During the 1980’s, the United States of America faced tensions with the former Soviet Union. Much like the US tensions with North Korea today, the tensions back then were amplified as the US and the Soviet Union threatened each other with nuclear weapons. Former United States President Ronald Reagan and former Soviet Union leader Mikhail Gorbachev were bitter enemies as both often criticized each other.

The same chain of events is occurring now as North Korea becomes more threatening with the increased and regular testing of weapons. The current regime has recently lashed out at Donald Trump by referring to him as a “lunatic,” according to USA Today.

This attack comes after President Donald Trump’s attacks on Twitter toward the North Korean dictator. Both leaders have threatened war with each other, just as Reagan and Gorbachev did. A report by USA Today relayed the latest insults between the leaders.

The weapon that can bring down the dictatorship

Right before the dissolution of the Soviet Union, it was common to see people standing in long lines as they waited to get any food that was left. Young women needed to find ways to support themselves and their families during the economic hardships, so they became prostitutes. People were forced to sell things like old glass bottles to recycling companies for a little bit of change for necessities.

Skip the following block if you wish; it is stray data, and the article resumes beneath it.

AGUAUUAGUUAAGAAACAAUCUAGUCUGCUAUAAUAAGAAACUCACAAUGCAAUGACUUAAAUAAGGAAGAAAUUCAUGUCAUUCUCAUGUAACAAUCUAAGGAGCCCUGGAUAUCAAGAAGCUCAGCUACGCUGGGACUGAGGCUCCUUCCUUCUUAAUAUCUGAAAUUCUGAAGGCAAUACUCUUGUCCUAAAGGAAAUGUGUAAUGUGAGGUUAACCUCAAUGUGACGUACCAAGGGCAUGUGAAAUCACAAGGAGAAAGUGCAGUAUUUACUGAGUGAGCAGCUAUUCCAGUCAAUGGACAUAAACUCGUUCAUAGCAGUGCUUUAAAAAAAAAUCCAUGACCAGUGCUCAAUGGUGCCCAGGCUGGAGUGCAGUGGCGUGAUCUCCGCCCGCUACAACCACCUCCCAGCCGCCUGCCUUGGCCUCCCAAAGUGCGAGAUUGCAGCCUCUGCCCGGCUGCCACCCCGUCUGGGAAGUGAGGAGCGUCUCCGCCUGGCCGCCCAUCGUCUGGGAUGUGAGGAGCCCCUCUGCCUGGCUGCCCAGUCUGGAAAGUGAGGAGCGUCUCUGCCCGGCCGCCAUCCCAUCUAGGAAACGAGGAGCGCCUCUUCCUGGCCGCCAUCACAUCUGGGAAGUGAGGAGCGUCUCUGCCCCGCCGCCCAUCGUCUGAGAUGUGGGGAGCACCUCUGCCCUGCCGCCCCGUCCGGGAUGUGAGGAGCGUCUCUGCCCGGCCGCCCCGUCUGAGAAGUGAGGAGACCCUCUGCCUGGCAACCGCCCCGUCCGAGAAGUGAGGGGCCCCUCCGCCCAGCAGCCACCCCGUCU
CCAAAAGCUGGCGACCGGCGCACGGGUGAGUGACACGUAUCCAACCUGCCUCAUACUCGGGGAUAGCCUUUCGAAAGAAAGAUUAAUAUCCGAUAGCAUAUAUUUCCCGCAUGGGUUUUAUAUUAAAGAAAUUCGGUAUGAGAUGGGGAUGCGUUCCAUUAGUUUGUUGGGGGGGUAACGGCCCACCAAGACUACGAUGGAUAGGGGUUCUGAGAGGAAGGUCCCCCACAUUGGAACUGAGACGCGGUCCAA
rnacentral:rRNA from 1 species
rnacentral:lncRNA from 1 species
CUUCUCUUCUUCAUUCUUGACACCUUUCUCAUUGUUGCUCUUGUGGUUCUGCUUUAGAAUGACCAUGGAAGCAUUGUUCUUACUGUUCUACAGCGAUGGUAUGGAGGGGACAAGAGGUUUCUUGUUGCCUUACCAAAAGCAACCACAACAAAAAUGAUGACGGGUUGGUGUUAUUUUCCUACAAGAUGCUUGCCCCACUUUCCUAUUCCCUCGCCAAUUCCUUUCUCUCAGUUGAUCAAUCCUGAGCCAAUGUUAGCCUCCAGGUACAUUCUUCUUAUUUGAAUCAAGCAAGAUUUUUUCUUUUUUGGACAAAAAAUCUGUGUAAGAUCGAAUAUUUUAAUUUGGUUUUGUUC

Although North Korea is no longer in its infamous famine as seen during the reign of Kim Jong-un’s grandfather, the people still suffer from the dictatorship.

According to National Interest, smuggling any kind of media from outside of North Korea is prohibited. It is widely known that the North Korean government controls the media its citizens consume daily, and anyone caught with outside media may face a death penalty.

This control tactic could potentially cause the downfall of the regime. AOL reports that some workers in North Korea have been allowed to travel to China for work purposes, thus exposing them to a world outside of the Democratic People’s Republic of Korea. Many of them are being exposed to capitalism for the first time.

Loyalty slowly disappears

According to a group of North Koreans surveyed by Anna Fifield from the Washington Post, most North Koreans hate their leader. The elite individuals have even begun separating themselves from others in the country by speaking in a South Korean accent. This allows them to showcase their ability to access education beyond other citizens.

In addition, the people are beginning to stray away from looking towards the government for support. They are finding ways to support themselves without the government’s help. North Korean people who are traveling see how other countries are prosperous, thus causing them to want to become more independent from their government. This division in the country is similar to the division seen in the former Soviet Union, but will the outcome be the same? Only time will tell.